Villanova's assistant men's basketball coach Doug Martinresigned yesterday after it was revealed that he lied about his collegiate playing career. Martin had claimed to play college basketball at UW-Green Bay, but his lie was exposed after no former players or coaches could corroborate his story.
Sadly, Martin isn't the only coach who has lied on his resume. There have been a few more notable cases; some at smaller schools, and one at a major university.
Back in 2004, Glynn Cyprien was hired as head coach for UL-Lafayette after serving as an assistant coach at numerous schools throughout the nation. Cyprien's resume claimed he'd graduated from Texas-San Antonio, but it was later revealed that he hadn't gotten the necessary credits needed to complete his degree. Since UL-Lafayette had a requirement that head coaches have a bachelor's degree, Cyprien was forced out before he even got to coach one game.
In 2011, Yale's head football coach Tom Williams was caught lying about being a Rhodes Scholarship finalist. His quarterback, Patrick Witt, was deciding whether to play his final game against Harvard or go for his Rhodes Scholarship interview (he ultimately played the game) and Williams was giving him advice. Problem is, Williams' advice was phony, as he'd never actually applied for a Rhodes Scholarship at all. After an internal investigation into the matter (and a poor overall record), Williams resigned this past offseason.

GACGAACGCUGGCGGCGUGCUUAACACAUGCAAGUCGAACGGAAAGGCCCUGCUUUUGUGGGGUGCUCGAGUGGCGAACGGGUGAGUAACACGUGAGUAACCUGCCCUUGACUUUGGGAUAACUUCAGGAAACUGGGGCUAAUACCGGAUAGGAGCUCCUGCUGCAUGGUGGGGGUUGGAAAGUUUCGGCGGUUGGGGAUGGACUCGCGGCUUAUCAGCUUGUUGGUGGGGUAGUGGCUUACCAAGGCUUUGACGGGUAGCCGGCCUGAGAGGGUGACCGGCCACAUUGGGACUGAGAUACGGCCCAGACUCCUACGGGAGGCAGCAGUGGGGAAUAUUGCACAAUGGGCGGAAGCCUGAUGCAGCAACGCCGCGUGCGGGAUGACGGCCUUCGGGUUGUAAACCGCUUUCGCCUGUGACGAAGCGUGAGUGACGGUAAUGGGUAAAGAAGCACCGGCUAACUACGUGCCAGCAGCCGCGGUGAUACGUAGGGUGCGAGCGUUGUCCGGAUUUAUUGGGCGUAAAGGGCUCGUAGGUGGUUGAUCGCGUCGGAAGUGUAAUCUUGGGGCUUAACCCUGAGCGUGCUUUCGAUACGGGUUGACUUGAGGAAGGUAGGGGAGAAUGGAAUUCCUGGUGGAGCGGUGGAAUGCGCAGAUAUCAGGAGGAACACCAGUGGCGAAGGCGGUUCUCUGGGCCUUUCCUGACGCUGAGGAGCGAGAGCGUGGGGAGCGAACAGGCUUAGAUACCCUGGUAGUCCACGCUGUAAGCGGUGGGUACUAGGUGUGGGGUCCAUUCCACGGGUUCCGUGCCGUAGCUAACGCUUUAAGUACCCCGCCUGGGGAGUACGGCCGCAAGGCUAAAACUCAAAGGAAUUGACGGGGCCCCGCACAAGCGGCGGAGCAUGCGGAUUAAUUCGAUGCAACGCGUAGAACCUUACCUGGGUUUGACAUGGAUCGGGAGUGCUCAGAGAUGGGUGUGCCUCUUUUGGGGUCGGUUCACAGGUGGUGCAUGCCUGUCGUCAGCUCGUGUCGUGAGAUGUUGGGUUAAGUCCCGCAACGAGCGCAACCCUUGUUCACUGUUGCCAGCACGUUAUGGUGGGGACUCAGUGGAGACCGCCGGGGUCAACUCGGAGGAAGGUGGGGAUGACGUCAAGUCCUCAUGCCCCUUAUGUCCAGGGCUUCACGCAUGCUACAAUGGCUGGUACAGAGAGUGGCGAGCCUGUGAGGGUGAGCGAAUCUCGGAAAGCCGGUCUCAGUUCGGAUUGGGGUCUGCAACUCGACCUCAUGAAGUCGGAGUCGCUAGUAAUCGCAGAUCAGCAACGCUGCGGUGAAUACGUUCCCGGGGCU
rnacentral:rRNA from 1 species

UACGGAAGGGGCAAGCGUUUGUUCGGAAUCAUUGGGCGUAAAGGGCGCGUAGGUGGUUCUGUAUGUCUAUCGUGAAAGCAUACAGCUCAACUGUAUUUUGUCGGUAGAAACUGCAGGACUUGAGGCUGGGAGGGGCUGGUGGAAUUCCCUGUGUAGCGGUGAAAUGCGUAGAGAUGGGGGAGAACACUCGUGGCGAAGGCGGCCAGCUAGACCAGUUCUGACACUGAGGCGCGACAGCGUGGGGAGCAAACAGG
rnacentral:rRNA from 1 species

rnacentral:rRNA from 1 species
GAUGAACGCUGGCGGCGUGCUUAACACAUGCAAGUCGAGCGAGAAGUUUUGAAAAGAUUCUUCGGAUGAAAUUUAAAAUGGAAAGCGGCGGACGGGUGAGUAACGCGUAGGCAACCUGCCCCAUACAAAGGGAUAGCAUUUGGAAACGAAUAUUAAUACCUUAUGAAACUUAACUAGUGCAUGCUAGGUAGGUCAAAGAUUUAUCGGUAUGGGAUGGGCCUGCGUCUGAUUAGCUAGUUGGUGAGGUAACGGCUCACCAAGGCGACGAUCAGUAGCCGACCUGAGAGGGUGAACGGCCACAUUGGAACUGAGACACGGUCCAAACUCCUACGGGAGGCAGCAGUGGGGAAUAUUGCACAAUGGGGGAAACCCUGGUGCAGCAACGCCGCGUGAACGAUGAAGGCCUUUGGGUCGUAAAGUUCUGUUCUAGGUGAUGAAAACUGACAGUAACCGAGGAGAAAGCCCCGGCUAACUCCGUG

The most famous case is that of George O'Leary, the current head coach at UCF and former head coach at Notre Dame (for a few days). In 2001, O'Leary was hired away from Georgia Tech, where he'd coached since 1994 and led the Yellow Jackets to multiple ACC championships and bowl victories. But just a few days after he was hired, it was discovered that O'Leary hadnumerous fabrications on his resume, including attending/graduating from a school that doesn't exist (NYU-Stony Brook) and lettering for a football program (New Hampshire) that had no record of him whatsoever. Needless to say, O'Leary was dismissed from his new position, embarrassed by the whole situation.
While resume padding isn't anything new, it's always shocking when someone gets caught.
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